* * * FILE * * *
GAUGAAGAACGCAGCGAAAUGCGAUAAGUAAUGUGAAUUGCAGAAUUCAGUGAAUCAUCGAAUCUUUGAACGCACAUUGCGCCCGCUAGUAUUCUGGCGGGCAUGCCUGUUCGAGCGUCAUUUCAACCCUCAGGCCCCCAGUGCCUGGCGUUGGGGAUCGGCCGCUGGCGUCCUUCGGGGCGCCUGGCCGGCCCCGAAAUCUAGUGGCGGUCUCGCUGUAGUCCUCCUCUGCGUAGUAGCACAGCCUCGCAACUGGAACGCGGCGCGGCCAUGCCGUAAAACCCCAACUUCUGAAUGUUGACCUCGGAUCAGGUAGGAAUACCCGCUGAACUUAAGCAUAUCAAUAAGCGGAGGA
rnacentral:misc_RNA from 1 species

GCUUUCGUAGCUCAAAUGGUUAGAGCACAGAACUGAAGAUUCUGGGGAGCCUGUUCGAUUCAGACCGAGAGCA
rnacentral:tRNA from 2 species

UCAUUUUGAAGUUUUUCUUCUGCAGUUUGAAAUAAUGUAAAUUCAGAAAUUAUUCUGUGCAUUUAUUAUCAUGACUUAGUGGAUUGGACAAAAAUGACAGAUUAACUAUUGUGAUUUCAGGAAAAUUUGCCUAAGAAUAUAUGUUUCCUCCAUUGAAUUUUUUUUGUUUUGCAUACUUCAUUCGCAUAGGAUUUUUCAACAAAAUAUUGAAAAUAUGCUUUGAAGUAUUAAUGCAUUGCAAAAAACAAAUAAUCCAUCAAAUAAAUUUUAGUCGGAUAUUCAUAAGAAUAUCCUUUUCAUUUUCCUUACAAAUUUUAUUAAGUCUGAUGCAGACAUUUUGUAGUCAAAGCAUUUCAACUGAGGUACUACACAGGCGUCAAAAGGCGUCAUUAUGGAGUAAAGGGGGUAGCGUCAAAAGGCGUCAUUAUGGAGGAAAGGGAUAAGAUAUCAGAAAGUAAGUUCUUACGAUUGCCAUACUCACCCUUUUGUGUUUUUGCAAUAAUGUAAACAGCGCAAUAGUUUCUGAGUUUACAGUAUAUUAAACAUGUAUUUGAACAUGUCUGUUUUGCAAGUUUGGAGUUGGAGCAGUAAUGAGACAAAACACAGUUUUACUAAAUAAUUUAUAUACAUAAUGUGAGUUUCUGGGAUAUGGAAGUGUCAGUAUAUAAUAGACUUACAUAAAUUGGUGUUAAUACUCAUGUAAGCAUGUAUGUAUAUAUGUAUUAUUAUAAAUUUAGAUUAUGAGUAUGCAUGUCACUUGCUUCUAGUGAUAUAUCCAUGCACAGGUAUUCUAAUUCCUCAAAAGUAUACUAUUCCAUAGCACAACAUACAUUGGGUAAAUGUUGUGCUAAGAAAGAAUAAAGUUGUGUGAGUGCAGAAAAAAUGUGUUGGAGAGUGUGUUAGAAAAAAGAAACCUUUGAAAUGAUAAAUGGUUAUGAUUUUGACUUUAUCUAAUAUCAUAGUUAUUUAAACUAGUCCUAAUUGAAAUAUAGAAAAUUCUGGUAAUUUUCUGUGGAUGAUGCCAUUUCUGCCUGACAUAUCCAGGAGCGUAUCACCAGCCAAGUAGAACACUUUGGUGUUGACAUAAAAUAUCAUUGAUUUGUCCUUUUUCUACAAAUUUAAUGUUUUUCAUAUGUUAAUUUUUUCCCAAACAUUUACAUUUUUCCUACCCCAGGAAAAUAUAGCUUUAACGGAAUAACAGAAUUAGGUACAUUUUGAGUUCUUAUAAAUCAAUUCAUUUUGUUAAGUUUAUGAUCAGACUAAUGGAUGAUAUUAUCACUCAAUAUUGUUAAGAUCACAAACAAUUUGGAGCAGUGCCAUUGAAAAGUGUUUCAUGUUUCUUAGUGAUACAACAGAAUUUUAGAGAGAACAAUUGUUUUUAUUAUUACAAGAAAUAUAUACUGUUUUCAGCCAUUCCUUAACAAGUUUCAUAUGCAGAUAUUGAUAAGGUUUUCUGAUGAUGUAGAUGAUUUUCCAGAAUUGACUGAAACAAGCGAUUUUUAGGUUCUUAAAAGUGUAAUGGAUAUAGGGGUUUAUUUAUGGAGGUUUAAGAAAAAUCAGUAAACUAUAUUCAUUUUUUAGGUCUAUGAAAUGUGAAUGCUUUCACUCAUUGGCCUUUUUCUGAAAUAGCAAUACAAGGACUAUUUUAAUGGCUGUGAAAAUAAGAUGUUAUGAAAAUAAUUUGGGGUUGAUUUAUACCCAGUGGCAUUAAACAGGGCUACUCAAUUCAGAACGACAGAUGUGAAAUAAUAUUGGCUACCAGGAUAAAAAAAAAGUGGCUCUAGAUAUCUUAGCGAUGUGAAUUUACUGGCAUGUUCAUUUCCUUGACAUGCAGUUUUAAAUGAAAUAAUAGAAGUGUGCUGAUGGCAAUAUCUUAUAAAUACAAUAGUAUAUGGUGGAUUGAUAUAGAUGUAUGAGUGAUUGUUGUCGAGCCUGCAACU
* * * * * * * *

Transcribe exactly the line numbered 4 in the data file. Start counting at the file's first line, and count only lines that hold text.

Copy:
rnacentral:tRNA from 2 species